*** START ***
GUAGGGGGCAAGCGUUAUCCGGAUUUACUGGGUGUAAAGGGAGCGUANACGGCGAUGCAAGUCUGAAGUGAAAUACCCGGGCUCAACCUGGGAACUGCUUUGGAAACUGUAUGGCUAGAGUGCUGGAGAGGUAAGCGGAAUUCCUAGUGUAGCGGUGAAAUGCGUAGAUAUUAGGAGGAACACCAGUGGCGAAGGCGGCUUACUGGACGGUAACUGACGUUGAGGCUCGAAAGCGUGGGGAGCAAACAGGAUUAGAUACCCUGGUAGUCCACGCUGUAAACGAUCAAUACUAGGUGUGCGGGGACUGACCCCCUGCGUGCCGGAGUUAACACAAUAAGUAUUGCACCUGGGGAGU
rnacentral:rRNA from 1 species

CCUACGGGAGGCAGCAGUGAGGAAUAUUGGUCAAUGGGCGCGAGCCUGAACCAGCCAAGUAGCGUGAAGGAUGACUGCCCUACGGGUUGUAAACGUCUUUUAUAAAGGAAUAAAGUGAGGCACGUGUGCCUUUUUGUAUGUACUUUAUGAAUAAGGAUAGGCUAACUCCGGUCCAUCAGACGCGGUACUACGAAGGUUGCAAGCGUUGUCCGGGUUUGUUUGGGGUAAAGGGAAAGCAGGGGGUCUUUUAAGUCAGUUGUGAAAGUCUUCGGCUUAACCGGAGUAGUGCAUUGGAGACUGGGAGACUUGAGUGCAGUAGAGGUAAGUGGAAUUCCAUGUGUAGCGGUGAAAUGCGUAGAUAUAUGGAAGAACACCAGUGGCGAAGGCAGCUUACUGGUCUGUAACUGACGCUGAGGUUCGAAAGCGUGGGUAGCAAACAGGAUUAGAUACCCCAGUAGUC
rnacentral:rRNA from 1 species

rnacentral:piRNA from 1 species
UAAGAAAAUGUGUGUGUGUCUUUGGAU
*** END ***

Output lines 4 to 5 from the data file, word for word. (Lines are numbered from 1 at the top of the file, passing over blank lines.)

rnacentral:rRNA from 1 species

rnacentral:piRNA from 1 species